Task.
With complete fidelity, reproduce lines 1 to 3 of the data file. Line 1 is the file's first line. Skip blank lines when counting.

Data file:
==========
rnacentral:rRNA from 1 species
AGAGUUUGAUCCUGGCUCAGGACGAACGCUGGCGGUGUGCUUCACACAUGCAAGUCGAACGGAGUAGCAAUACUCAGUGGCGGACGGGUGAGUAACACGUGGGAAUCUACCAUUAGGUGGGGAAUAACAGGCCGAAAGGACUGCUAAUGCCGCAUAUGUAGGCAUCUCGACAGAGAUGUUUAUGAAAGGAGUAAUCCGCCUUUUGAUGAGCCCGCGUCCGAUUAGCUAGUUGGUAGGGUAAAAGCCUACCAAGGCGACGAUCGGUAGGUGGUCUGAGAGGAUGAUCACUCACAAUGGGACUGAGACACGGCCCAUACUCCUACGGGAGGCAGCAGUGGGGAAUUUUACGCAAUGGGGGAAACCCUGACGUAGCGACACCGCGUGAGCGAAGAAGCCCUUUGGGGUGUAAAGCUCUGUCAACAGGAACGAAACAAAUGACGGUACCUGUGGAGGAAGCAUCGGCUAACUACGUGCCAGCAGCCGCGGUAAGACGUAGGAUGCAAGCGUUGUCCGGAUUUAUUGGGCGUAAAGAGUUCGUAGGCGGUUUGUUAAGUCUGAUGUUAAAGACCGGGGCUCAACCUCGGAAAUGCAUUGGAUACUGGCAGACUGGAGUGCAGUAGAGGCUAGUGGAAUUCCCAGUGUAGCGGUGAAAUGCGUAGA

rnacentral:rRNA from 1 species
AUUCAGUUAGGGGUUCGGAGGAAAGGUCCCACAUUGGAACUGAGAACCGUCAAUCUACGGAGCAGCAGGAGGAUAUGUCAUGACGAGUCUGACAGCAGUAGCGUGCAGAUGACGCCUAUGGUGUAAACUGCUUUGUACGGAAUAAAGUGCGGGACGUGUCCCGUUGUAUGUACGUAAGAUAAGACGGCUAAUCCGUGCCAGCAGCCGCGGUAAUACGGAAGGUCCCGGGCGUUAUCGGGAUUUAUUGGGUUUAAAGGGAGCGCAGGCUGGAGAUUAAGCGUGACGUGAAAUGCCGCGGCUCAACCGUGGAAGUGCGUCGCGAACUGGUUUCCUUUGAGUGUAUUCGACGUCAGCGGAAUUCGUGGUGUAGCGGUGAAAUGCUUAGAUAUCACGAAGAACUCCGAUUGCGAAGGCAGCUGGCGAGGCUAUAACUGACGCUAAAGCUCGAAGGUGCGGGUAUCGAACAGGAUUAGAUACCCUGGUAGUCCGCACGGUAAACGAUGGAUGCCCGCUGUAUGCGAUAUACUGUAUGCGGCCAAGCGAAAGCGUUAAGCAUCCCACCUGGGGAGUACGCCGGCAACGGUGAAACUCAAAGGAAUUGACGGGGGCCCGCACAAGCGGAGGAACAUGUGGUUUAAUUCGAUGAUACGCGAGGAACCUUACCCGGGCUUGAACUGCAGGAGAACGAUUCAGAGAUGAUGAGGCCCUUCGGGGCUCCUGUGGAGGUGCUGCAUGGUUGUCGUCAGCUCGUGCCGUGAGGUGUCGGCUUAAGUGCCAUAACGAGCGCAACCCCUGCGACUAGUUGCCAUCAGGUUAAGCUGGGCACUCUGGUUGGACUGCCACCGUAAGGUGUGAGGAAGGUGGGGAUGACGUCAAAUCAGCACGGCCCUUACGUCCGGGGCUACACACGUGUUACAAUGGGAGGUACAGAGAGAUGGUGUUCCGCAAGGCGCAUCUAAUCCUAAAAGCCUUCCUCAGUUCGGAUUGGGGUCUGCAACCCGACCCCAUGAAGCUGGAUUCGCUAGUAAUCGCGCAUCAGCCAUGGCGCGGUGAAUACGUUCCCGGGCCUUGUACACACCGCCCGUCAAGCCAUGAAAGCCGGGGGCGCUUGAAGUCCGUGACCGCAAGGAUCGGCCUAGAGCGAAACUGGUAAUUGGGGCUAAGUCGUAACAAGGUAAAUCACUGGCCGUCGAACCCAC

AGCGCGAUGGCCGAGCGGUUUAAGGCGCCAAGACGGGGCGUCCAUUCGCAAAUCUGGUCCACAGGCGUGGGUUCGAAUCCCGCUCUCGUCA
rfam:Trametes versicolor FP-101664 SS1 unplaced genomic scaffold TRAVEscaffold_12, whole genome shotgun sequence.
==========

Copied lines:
rnacentral:rRNA from 1 species
AGAGUUUGAUCCUGGCUCAGGACGAACGCUGGCGGUGUGCUUCACACAUGCAAGUCGAACGGAGUAGCAAUACUCAGUGGCGGACGGGUGAGUAACACGUGGGAAUCUACCAUUAGGUGGGGAAUAACAGGCCGAAAGGACUGCUAAUGCCGCAUAUGUAGGCAUCUCGACAGAGAUGUUUAUGAAAGGAGUAAUCCGCCUUUUGAUGAGCCCGCGUCCGAUUAGCUAGUUGGUAGGGUAAAAGCCUACCAAGGCGACGAUCGGUAGGUGGUCUGAGAGGAUGAUCACUCACAAUGGGACUGAGACACGGCCCAUACUCCUACGGGAGGCAGCAGUGGGGAAUUUUACGCAAUGGGGGAAACCCUGACGUAGCGACACCGCGUGAGCGAAGAAGCCCUUUGGGGUGUAAAGCUCUGUCAACAGGAACGAAACAAAUGACGGUACCUGUGGAGGAAGCAUCGGCUAACUACGUGCCAGCAGCCGCGGUAAGACGUAGGAUGCAAGCGUUGUCCGGAUUUAUUGGGCGUAAAGAGUUCGUAGGCGGUUUGUUAAGUCUGAUGUUAAAGACCGGGGCUCAACCUCGGAAAUGCAUUGGAUACUGGCAGACUGGAGUGCAGUAGAGGCUAGUGGAAUUCCCAGUGUAGCGGUGAAAUGCGUAGA

rnacentral:rRNA from 1 species